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PinkMonkey Digital Library-Sister Carrie by Theodore Dreiser

Chapter XXXII

Such feelings as were generated in Carrie by this walk put her in
an exceed-ingly receptive mood for the pathos which followed in
the play. The actor whom they had gone to see had achieved his
popularity by presenting a mellow type of comedy, in which
sufficient sorrow was introduced to lend contrast and relief to
humour. For Carrie, as we well know, the stage had a great
attraction. She had never forgotten her one histrionic achievement
in Chicago. It dwelt in her mind and occupied her consciousness
during many long afternoons in which her rock-ing-chair and her
latest novel contributed the only pleasures of her state. Never
could she witness a play without having her own ability vividly
brought to consciousness. Some scenes made her long to be a part
of them-to give expression to the feelings which she, in the place
of the character represented, would feel. Almost invariably she
would carry the vivid imaginations away with her and brood over
them the next day alone. She lived as much in these things as in
the realities which made up her daily life.

It was not often that she came to the play stirred to her heart’s
core by actualities. To-day a low song of longing had been set
singing in her heart by the finery, the merriment, the beauty she
had seen. Oh, these women who had passed her by,

hundreds and hundreds strong, who were they? Whence came the
rich, elegant dresses, the astonishingly coloured buttons, the
knick-knacks of silver and gold? Where were these lovely
creatures housed? Amid what elegancies of carved furniture,
decorated walls, elaborate tapestries did they move? Where were
their rich apartments, loaded with all that money could provide?
In what stables champed these sleek, nervous horses and rested
the gorgeous carriages? Where lounged the richly groomed
footmen? Oh, the mansions, the lights, the perfume, the loaded
boudoirs and tables! New York must be filled with such bowers,
or the beautiful, insolent, supercilious creatures could not be.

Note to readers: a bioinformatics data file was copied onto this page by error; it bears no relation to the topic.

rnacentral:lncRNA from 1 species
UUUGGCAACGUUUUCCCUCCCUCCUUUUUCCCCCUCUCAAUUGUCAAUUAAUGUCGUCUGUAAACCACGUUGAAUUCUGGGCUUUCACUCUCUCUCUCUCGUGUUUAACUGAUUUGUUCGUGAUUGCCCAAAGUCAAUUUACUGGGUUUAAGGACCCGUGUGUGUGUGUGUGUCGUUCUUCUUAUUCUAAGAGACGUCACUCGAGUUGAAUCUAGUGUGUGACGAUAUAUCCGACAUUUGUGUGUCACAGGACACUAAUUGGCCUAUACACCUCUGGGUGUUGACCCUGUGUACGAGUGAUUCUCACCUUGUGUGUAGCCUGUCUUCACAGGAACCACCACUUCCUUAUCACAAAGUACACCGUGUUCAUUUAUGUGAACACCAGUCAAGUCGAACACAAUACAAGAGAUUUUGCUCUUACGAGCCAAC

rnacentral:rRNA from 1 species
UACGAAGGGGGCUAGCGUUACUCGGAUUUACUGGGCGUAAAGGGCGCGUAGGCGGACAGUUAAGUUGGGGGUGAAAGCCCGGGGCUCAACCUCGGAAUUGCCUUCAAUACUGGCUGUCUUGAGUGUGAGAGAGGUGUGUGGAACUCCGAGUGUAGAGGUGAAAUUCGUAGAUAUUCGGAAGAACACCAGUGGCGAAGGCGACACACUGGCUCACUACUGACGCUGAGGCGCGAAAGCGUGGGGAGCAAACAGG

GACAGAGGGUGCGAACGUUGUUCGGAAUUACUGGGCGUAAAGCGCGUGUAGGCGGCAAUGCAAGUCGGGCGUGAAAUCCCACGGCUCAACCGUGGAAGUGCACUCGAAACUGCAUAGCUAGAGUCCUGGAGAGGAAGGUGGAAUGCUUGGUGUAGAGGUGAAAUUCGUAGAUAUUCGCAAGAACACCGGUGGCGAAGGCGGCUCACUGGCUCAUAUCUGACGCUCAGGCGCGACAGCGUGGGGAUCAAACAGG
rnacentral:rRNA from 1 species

Some hot-houses held them. It ached her to know that she was not
one of them-that, alas, she had dreamed a dream and it had not
come true. She wondered at her own solitude these two years
past-her indifference to the fact that she had never achieved what
she had expected.

The play was one of those drawing-room concoctions in which
charmingly overdressed ladies and gentlemen suffer the pangs of
love and jealousy amid gilded surroundings. Such bon-mots are
ever enticing to those who have all their days longed for such
material surroundings and have never had them gratified. They
have the charm of showing suffering under ideal conditions. Who
would not grieve upon a gilded chair? Who would not suffer amid
perfumed tapestries, cushioned furniture, and liveried servants?
Grief under such circumstances becomes an enticing thing. Carrie
longed to be of it. She wanted to take her sufferings, whatever
they were, in such a world, or failing that, at least to simulate
them under such charming conditions upon the stage. So affected
was her mind by what

she had seen, that the play now seemed an extraordinarily
beautiful thing. She was soon lost in the world it represented, and
wished that she might never return. Between the acts she studied
the galaxy of matinee attendants in front rows and boxes, and
conceived a new idea of the possibilities of New York. She was
sure she had not seen it all-that the city was one whirl of pleasure
and delight.

Going out, the same Broadway taught her a sharper lesson. The
scene she had witnessed coming down was now augmented and at
its height. Such a crush of finery and folly she had never seen. It
clinched her convictions concerning her state. She had not lived,
could not lay claim to having lived, until something of this had
come into her own life. Women were spending money like water;
she could see that in every elegant shop she passed. Flowers,
candy, jewelry, seemed the principal things in which the elegant
dames were interested. And she had scarcely enough pin money to
indulge in such outings as this a few times a month.

That night the pretty little flat seemed a commonplace thing. It
was not what the rest of the world was enjoying. She saw the
servant working at dinner with an indifferent eye. In her mind
were running scenes of the play. Particularly she remembered one
beautiful actress-the sweetheart who had been wooed and won.
The grace of this woman had won Carrie’s heart. Her dresses had
been all that art could suggest, her sufferings had been so real.
The anguish which she had portrayed Carrie could feel. It was
done as she was sure she could do it. There were places in which
she could even do better. Hence she repeated the lines to herself.

Oh, if she could only have such a part, how broad would be her
life! She, too, could act appealingly.
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PinkMonkey Digital Library-Sister Carrie by Theodore Dreiser

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